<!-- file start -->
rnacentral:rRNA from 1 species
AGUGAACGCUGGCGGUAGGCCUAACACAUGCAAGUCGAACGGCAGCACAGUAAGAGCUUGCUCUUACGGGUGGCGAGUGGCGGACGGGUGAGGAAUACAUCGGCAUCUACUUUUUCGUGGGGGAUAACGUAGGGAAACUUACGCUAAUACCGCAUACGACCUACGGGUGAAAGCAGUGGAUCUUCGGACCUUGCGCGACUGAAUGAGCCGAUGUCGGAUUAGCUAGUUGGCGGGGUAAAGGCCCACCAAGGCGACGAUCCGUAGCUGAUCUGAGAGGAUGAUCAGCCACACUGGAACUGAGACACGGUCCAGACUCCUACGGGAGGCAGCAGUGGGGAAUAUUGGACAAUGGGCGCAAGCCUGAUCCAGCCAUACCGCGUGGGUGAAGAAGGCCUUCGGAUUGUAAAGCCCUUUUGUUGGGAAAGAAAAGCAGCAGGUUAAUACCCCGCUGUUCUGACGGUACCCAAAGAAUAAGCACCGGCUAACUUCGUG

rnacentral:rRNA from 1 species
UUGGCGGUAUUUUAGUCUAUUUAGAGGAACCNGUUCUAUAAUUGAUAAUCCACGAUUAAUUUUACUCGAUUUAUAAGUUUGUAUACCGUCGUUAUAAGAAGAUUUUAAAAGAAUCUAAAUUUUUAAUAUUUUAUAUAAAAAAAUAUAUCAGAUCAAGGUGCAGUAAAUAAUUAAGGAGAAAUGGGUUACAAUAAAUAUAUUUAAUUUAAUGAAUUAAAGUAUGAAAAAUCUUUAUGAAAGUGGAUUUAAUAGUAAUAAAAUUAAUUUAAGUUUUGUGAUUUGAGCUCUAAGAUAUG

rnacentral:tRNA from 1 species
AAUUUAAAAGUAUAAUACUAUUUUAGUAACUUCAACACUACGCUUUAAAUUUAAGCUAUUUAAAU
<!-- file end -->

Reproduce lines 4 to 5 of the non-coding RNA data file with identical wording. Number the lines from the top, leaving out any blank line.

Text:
UUGGCGGUAUUUUAGUCUAUUUAGAGGAACCNGUUCUAUAAUUGAUAAUCCACGAUUAAUUUUACUCGAUUUAUAAGUUUGUAUACCGUCGUUAUAAGAAGAUUUUAAAAGAAUCUAAAUUUUUAAUAUUUUAUAUAAAAAAAUAUAUCAGAUCAAGGUGCAGUAAAUAAUUAAGGAGAAAUGGGUUACAAUAAAUAUAUUUAAUUUAAUGAAUUAAAGUAUGAAAAAUCUUUAUGAAAGUGGAUUUAAUAGUAAUAAAAUUAAUUUAAGUUUUGUGAUUUGAGCUCUAAGAUAUG

rnacentral:tRNA from 1 species